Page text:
When Should Ravens Entertain A Lamar Jackson Trade?

Lamar Jackson Trade

The most important issue facing the Baltimore Ravens this offseason is what to do with Lamar Jackson. The former MVP is set to hit free agency, and both the quarterback and front office are trying to come to terms on a long-term contract. However, the two sides are reportedly very far apart in negotiations. If they can’t come to an agreement, should the Ravens consider trading Lamar Jackson for a massive return?

Will the Ravens Trade Lamar Jackson If Contract Talks Stall?

The Current Situation

As things currently stand, Lamar Jackson and the Ravens are worlds apart on a potential contract extension. According to ESPN’s Jeremy Fowler, the two sides could be off by up to $100 million in guaranteed money. Now, it’s still very early in the offseason, so a lot can happen between now and the start of the season, but that is a significant amount of money.

From the outside looking in, it appears as though Lamar Jackson is using Deshaun Watson’s fully-guaranteed deal as precedence, while the Ravens are basing their offer on Russell Wilson’s five-year, $242.5 million contract that came with “only” $161 million guaranteed.

The bad news is that both sides have very strong arguments to justify their respective offers. From Jackson’s perspective, he has been just as good, if not better, than Watson since entering the league, and he’s not staring down countless legal battles. If Watson is good enough for a fully-guaranteed contract, then he should also get one.

From Baltimore’s perspective, Watson’s contract is a complete outlier, and the fact that Wilson signed his incentive-laden deal after Watson shows that Watson’s contract shouldn’t be used for comparison. Even if the team was ok with using Watson’s contract as precedent, Jackson’s physical style of play combined with his recent injuries could make the team worry about the quarterback’s long-term health. Jackson has missed a combined 10 games in the past two seasons, and that probably won’t get better with age.

Where Do We Go Now?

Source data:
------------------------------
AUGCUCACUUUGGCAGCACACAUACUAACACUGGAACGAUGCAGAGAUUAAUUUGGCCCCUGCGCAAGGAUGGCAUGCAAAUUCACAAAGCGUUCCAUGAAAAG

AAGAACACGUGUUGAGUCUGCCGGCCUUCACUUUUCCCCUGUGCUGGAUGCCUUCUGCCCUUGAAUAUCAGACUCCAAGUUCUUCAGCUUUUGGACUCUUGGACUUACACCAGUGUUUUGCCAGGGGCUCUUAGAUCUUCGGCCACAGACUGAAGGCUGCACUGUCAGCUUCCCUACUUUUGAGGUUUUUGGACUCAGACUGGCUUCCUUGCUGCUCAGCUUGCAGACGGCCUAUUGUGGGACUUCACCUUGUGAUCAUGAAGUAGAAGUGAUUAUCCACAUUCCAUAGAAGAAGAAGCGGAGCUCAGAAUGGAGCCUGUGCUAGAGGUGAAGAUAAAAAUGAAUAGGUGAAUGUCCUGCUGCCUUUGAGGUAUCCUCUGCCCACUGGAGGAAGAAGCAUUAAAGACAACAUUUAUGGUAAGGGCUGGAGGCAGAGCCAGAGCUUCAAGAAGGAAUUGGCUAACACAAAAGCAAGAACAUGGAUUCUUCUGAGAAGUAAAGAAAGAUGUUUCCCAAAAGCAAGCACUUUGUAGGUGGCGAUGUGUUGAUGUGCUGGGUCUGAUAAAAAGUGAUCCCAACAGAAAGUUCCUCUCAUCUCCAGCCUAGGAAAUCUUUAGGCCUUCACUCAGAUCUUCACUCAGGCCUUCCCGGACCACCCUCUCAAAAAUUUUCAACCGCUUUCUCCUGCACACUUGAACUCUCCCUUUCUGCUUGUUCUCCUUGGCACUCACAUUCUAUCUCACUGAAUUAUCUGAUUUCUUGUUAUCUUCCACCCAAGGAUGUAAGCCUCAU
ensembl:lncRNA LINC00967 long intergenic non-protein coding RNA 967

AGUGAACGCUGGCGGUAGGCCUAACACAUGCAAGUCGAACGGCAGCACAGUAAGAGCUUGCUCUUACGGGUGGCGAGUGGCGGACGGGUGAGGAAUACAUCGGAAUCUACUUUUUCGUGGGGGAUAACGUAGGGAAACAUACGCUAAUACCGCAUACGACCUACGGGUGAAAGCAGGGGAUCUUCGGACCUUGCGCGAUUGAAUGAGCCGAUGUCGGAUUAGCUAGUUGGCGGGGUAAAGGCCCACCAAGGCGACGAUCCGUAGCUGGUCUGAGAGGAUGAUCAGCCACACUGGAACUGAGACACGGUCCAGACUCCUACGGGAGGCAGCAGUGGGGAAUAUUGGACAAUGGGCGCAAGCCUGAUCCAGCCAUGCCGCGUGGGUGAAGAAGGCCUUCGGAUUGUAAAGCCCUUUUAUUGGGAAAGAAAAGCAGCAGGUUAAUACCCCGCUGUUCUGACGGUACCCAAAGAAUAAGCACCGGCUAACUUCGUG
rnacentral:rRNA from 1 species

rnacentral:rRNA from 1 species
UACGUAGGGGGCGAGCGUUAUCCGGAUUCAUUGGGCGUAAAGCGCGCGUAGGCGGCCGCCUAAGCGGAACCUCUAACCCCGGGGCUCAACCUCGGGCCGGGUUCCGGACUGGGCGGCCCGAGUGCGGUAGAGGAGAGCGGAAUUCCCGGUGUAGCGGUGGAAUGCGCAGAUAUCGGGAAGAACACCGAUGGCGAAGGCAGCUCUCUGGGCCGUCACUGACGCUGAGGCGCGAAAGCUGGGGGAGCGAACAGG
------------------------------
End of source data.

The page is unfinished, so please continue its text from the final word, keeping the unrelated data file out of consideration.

It should go without saying that the best version of the 2023 Baltimore Ravens has Lamar Jackson under center. However, if the two sides can’t come to terms on a contract, there comes a point where the team needs to cut their losses, trade Jackson, and build for the future.

Free agency officially begins on March 15th, which means Jackson and the Ravens have a bit over a month to come to terms on a deal. If both sides cannot find common ground, then Baltimore will need to use the franchise tag to keep Jackson from reaching the open market. In a perfect world, both sides will continue to negotiate and agree to terms before the 2023 NFL Draft. If, however, both sides remain far apart prior to the draft, the Ravens will need to think about pursuing a Lamar Jackson trade.

What Could the Ravens Get In A Lamar Jackson Trade?

Based on the Wilson and Watson trades, it’s safe to assume that the Ravens could probably get three first-round picks in exchange for the quarterback’s service. A team like the Atlanta Falcons would probably agree to that, and the Ravens could use the additional draft compensation to find their quarterback of the future.

As of this posting, there are four quarterbacks that have a realistic shot of being a top-five: Bryce Young, C.J. Stroud, Will Levis, and Anthony Richardson. If the Ravens feel like there are multiple franchise quarterbacks in this draft, then they can wait to see how the board falls and move up if they have to. If, however, they feel like there is only one franchise quarterback in this class, then they could be able to use their three first-round picks to trade up with the Chicago Bears. The Bears have already committed to Justin Fields, and there are reportedly multiple teams already trying to trade for the first-overall pick.

This would certainly be a bold move, but there is nothing more valuable than a franchise quarterback on a rookie deal. If the Ravens don’t want to pay Jackson, they need to make sure they get their guy in the draft.

Main Photo: Mitch Stringer – USA Today Sports